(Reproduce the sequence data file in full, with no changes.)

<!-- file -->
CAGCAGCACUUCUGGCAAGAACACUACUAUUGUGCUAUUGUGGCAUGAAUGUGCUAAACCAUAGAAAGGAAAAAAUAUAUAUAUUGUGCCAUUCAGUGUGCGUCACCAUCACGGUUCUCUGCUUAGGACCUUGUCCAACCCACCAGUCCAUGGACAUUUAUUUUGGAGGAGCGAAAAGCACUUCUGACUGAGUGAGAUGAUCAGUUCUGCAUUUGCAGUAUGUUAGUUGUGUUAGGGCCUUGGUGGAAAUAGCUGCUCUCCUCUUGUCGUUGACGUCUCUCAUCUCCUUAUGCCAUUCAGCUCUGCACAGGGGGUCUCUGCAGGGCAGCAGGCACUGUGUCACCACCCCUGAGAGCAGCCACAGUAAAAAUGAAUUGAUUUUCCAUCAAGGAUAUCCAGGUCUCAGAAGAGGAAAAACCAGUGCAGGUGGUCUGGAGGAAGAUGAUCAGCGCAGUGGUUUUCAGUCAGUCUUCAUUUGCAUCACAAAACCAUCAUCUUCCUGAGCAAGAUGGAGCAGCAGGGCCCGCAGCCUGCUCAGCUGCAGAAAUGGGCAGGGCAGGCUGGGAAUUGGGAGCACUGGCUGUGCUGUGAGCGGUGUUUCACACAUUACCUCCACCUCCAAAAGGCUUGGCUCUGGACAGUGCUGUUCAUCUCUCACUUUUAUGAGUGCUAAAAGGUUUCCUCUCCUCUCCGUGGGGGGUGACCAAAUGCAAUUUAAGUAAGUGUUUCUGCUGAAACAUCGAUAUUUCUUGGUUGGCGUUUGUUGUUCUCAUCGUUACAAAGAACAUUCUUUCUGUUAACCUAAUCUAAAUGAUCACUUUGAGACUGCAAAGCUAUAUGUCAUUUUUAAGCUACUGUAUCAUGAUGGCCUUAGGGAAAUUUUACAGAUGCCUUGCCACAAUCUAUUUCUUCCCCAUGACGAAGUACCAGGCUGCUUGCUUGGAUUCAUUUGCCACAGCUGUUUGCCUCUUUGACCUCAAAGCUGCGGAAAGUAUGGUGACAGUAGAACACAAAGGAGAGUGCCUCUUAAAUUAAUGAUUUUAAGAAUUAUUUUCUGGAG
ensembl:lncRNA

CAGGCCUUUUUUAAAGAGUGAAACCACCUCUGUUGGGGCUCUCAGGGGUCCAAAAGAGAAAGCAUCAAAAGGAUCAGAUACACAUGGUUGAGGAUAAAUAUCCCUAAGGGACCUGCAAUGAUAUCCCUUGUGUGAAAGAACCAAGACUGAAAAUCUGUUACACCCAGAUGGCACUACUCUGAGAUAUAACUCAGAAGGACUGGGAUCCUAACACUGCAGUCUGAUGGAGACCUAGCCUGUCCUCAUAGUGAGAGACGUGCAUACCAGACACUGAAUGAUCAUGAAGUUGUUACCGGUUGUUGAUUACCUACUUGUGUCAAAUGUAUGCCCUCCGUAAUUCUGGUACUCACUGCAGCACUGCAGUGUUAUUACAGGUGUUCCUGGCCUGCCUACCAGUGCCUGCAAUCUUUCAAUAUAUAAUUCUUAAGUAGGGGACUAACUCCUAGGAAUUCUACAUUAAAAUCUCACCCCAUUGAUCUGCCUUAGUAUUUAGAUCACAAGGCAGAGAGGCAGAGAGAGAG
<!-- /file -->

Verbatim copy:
CAGCAGCACUUCUGGCAAGAACACUACUAUUGUGCUAUUGUGGCAUGAAUGUGCUAAACCAUAGAAAGGAAAAAAUAUAUAUAUUGUGCCAUUCAGUGUGCGUCACCAUCACGGUUCUCUGCUUAGGACCUUGUCCAACCCACCAGUCCAUGGACAUUUAUUUUGGAGGAGCGAAAAGCACUUCUGACUGAGUGAGAUGAUCAGUUCUGCAUUUGCAGUAUGUUAGUUGUGUUAGGGCCUUGGUGGAAAUAGCUGCUCUCCUCUUGUCGUUGACGUCUCUCAUCUCCUUAUGCCAUUCAGCUCUGCACAGGGGGUCUCUGCAGGGCAGCAGGCACUGUGUCACCACCCCUGAGAGCAGCCACAGUAAAAAUGAAUUGAUUUUCCAUCAAGGAUAUCCAGGUCUCAGAAGAGGAAAAACCAGUGCAGGUGGUCUGGAGGAAGAUGAUCAGCGCAGUGGUUUUCAGUCAGUCUUCAUUUGCAUCACAAAACCAUCAUCUUCCUGAGCAAGAUGGAGCAGCAGGGCCCGCAGCCUGCUCAGCUGCAGAAAUGGGCAGGGCAGGCUGGGAAUUGGGAGCACUGGCUGUGCUGUGAGCGGUGUUUCACACAUUACCUCCACCUCCAAAAGGCUUGGCUCUGGACAGUGCUGUUCAUCUCUCACUUUUAUGAGUGCUAAAAGGUUUCCUCUCCUCUCCGUGGGGGGUGACCAAAUGCAAUUUAAGUAAGUGUUUCUGCUGAAACAUCGAUAUUUCUUGGUUGGCGUUUGUUGUUCUCAUCGUUACAAAGAACAUUCUUUCUGUUAACCUAAUCUAAAUGAUCACUUUGAGACUGCAAAGCUAUAUGUCAUUUUUAAGCUACUGUAUCAUGAUGGCCUUAGGGAAAUUUUACAGAUGCCUUGCCACAAUCUAUUUCUUCCCCAUGACGAAGUACCAGGCUGCUUGCUUGGAUUCAUUUGCCACAGCUGUUUGCCUCUUUGACCUCAAAGCUGCGGAAAGUAUGGUGACAGUAGAACACAAAGGAGAGUGCCUCUUAAAUUAAUGAUUUUAAGAAUUAUUUUCUGGAG
ensembl:lncRNA

CAGGCCUUUUUUAAAGAGUGAAACCACCUCUGUUGGGGCUCUCAGGGGUCCAAAAGAGAAAGCAUCAAAAGGAUCAGAUACACAUGGUUGAGGAUAAAUAUCCCUAAGGGACCUGCAAUGAUAUCCCUUGUGUGAAAGAACCAAGACUGAAAAUCUGUUACACCCAGAUGGCACUACUCUGAGAUAUAACUCAGAAGGACUGGGAUCCUAACACUGCAGUCUGAUGGAGACCUAGCCUGUCCUCAUAGUGAGAGACGUGCAUACCAGACACUGAAUGAUCAUGAAGUUGUUACCGGUUGUUGAUUACCUACUUGUGUCAAAUGUAUGCCCUCCGUAAUUCUGGUACUCACUGCAGCACUGCAGUGUUAUUACAGGUGUUCCUGGCCUGCCUACCAGUGCCUGCAAUCUUUCAAUAUAUAAUUCUUAAGUAGGGGACUAACUCCUAGGAAUUCUACAUUAAAAUCUCACCCCAUUGAUCUGCCUUAGUAUUUAGAUCACAAGGCAGAGAGGCAGAGAGAGAG